- Property - Damages due to spoilage, change in temperature or change in flavor, contamination and resulting regulatory condemnation. Non-physical damage claims, including failure to meet label requirements or specifications, can result in serious financial and reputational damage. Business interruption may be impacted by regulatory requirements long after physical restoration of damages. Additionally, machinery breakdown can have catastrophic consequences to food processing or storage exposures. Damage to boilers and other large pieces of equipment unique to the food processing industry can lead to big claims.
- Cargo exposures may also factor into the challenges faced by food processing companies, along with mechanical breakdown, spoilage and theft.
- General liability and excess umbrella policies can cover injuries from acute food borne illness that can affect a large segment of the public. Latency from ingredients and impaired property physical damage can cause losses from contamination or adulterated ingredients.
- Cyber risks are evident due to highly automated, network-connected manufacturing equipment that can be compromised by an internal or external attack. The adoption of blockchain to manage the supply chain creates both dependence on the Internet of Things and vulnerabilities in the chain of control.
- Automobile liability and physical damage risks are especially prevalent in the manufacturing or distribution arenas which have large fleets with heavy trucks, a wide range of operations and lengthy drive times.
- Workers’ compensation is especially challenging because of the low wages, seasonal workers, high turnover, significant potential for lifting/repetitive motion injury and limited resources to implement safety recommendations.
- Professional liability is a concern considering it is increasingly common for food processors to make excess capacity available to others. This heightens exposures to negligence-based claims that contract work was defective or contracts were delayed or altered resulting in financial loss to the third party. Manufacturing errors and omissions coverage is an undersold coverage in this space.
- Executive protection and employment practices liability coverage are also critical. Consider coverages that protect directors & officers and also address circumstances where an employment-related mistake causes a claim by an employee.
Unique risks and finding adequate insurance coverage
Insurance coverage for food processors has traditionally been readily available and relatively inexpensive given the high level of competition among insurance carriers. While this coverage will generally offer protection for the basic risks facing food processors discussed above, there are other areas of unique liability facing this industry that may go uncovered unless specifically addressed with customized insurance products. Below are some additional coverages to look for:
- Coverage for undamaged property and non-physical damage business income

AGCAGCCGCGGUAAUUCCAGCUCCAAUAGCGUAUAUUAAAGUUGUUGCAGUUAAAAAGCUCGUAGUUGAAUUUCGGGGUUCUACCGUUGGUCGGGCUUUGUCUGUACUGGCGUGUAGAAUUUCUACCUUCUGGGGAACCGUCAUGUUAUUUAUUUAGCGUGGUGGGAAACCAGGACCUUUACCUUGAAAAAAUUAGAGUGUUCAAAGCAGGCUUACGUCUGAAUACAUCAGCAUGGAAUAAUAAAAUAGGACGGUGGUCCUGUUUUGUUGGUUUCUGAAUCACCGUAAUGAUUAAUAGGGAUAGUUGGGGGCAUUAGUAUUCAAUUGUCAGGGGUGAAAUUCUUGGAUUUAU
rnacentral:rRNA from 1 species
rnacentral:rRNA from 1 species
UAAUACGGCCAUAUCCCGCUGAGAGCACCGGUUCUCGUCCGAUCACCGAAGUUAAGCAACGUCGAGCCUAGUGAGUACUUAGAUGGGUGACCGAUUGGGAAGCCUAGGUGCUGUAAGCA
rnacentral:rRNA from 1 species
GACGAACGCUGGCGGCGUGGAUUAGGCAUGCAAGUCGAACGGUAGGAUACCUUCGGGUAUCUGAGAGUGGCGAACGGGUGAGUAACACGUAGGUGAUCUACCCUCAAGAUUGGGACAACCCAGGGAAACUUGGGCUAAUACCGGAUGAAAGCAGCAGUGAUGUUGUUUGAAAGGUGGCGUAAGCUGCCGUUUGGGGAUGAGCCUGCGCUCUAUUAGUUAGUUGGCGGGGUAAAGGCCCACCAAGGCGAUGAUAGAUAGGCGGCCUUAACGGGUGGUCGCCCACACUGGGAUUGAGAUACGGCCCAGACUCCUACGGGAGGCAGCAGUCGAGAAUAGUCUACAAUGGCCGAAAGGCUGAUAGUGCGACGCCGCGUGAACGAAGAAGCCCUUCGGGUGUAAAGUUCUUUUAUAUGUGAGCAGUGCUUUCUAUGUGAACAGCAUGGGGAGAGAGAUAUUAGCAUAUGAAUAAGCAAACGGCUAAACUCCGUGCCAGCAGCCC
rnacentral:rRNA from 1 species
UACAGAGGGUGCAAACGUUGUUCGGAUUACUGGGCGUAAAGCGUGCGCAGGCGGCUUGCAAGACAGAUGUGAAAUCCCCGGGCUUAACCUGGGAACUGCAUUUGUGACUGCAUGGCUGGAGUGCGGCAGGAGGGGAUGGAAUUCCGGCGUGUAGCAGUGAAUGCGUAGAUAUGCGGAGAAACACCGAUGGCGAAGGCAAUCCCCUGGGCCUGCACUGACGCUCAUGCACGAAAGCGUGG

- Condemnation of undamaged stock (in the event of a partial loss)
- Failure to meet specifications coverage (in the event of a reduction in value of property in the absence of direct physical loss or damage to property)
- Non-Physical Damage insurance coverage is particularly important for middle-market and large food processors that must protect their balance sheets from loss of gross profits, including market share loss, remediation and other mitigating costs. These may also include the impact of regulatory requirements or investigations.
- Coverage for research and development expenses, including coverage for regulated lab work and equipment
- Coverage for supply chain vulnerabilities requiring specialized solutions
- Coverage for stock held by third parties and other contingent business income exposures influenced by the need to maintain relationships with suppliers and key distributors.
- Business income coverage addressing operational restoration. Food processors may need to satisfy regulators after experiencing a physical loss and will need to demonstrate the safety of their products to regain compliance.
- Options for unlimited extended period of indemnity.
More unique casualty, crime and workers’ compensation coverages to consider:
- Product liability, errors & omissions, and product recall coverage: This coverage comes in handy both for the risk transfer and for access to specialized consulting services
- Coverage for M&A exposures: As a result of an M&A transaction, some food processors assume or retain exposures from the buying or selling party. These can arise from discontinued products out in the market or the sale of an unwanted business unit.
- Workers’ compensation coverage: These policies can also provide access to professional employer organizations (PEO). Joining these organizations allow business leaders to focus on their core competencies while the PEO handles employee management tasks like payroll, benefits, regulatory compliance and employee related safety concerns.
Covering the bases
Food processing companies need to ensure they maximize both traditional insurance as well as customized products that can fill the gaps created by the demands of regulators and an increasingly complex operating environment. Working with an experienced insurance broker that specializes in supporting food processing companies can prove of great assistance as they will be better positioned to help underwriters and food processors understand the unique risks these businesses face. In doing so, food processors can secure insurance coverage that can fill critical program gaps and help avoid devastating losses.
Daniel Brettler serves as the Managing Director, Life Science and Technology Co-Practice Leader at Conner Strong & Buckelew where he is responsible for the effective delivery of risk management & insurance products and services to life science & technology clients.